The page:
By the early 1970s, the U.S. Department of Defense was supporting a small internet system (ARPANET) that connected computers at sites across the U.S. The first e-mail message was sent in 1971 and as ARPANET grew, e-mails constituted the bulk of network traffic.

This period saw the creation of more tools for statistical calculations. The statistical package of computer programs BMDP (abbreviation for Bio-Medical Data Package) was developed at UCLA during 1965-1969; the full version became available at MSU in 1973. BMDP was widely used in the 1970s but, by the late 1990s, it was replaced by modern alternatives.

At my previous job, I (MAH) frequently used BMDP because it was the package of choice for data analysis at the National Cancer Institute. Because of that experience, I frequently used the BMDP for data analysis. I (REL) remember bringing use of BMDP into my Math 527 Regression Methods in Curve Fitting class the summer of 1973 for at least one lab problem. I used the preliminary version BMDO a few times my first year at MSU, 1969-70, but not for classes.

The statistical software suite, SAS (previously "Statistical Analysis System"), was developed at North Carolina State University from 1966 until 1976, when SAS Institute was incorporated. Since then, it has been continuously extended, revised, and updated. SAS first became available at MSU on the DEC VAX 11/780 in 1983.

The Minitab statistics package was developed in 1972 at the Pennsylvania State University. It began as a light version of OMNITAB 80, a statistical analysis program by NIST for the IBM 7090 computer. Minitab has been continuously extended and updated. Now, it is distributed by Minitab, Inc., a privately owned company.

Statistical theory and method development included Nei’s 1972 measure of genetic distance between populations based on the analysis of genes, a topic of emerging importance in biology. D. R. Cox published his 1972 paper on the regression analysis of censored failure time data in which he utilized the concept of partial likelihood and introduced the proportional hazards model. In 1974, cross-validation was popularized in the statistics world by M. Stone & discussants in a JRSS-B paper, although the concept had been sporadically used since the 1930s. Akaike published his criterion for estimating the appropriate explanatory variables in a linear model, now know as Akaike’s Information Criterion (AIC). Generalized linear models received attention due to the 1972 Nelder and Wedderburn article in JRSS-A and the 1975 textbook by Bishop, Fienberg, and Holland Discrete Multivariate Analysis.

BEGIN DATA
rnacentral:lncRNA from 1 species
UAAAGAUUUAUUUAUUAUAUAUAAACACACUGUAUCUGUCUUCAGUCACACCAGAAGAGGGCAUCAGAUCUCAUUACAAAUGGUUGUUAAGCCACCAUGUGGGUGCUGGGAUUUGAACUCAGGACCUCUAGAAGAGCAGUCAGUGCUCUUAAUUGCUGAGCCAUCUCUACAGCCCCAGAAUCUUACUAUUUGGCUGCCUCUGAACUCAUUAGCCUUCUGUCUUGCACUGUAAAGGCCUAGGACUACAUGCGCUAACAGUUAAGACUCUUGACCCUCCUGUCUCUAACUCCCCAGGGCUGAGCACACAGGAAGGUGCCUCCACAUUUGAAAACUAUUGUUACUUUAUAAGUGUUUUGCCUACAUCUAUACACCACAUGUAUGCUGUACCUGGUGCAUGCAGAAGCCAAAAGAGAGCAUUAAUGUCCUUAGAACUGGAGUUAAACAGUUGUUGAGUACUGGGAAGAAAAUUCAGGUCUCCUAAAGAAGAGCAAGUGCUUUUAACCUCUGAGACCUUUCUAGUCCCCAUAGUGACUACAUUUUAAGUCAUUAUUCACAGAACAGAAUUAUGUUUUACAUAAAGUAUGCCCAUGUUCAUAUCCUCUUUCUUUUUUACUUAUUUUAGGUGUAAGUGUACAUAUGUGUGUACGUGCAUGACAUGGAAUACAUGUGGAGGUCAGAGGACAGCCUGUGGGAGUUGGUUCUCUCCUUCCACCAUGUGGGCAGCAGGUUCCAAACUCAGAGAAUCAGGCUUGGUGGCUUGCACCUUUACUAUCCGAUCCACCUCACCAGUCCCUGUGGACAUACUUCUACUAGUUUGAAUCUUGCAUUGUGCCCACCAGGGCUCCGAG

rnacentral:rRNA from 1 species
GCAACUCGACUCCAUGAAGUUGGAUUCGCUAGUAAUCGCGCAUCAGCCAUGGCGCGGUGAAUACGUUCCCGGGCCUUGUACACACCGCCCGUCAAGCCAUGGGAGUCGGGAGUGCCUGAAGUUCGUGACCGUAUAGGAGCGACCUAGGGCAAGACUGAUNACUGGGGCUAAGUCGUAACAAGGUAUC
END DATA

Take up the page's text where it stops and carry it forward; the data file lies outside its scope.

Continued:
In 1976, G. V. Glass introduced the term ‘meta-analysis’ for an analysis of analyses. The problem and suggested solutions had been the subject of study for many decades prior to the 1970s. But the desire for combining information across studies, especially the call for ‘evidence-based medicine,’ stimulated statisticians to work on meta-analysis topics. The 1977 paper by Dempster, Laird, and Rubin utilized the Expectation Maximization (EM) algorithm for maximum likelihood estimation from incomplete data. In 1977, John Tukey introduced the box-plot and box-and-whiskers diagram for a concise display of the distribution. The potential for computationally-intensive statistical analysis was realized by Bradley Efron who introduced the bootstrap method for assessing uncertainty in 1977.

In 1973, the Institute of Mathematical Statistics replaced the Annals of Mathematical Statistics with two journals, the Annals of Statistics and the Annals of Probability. By 1976, two new sections of ASA were created, the Statistical Computing Section (COMP) and the Survey Research Methods Section (SRMS).

Advances in Stat during Era 7
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Last revised: 2020-06-20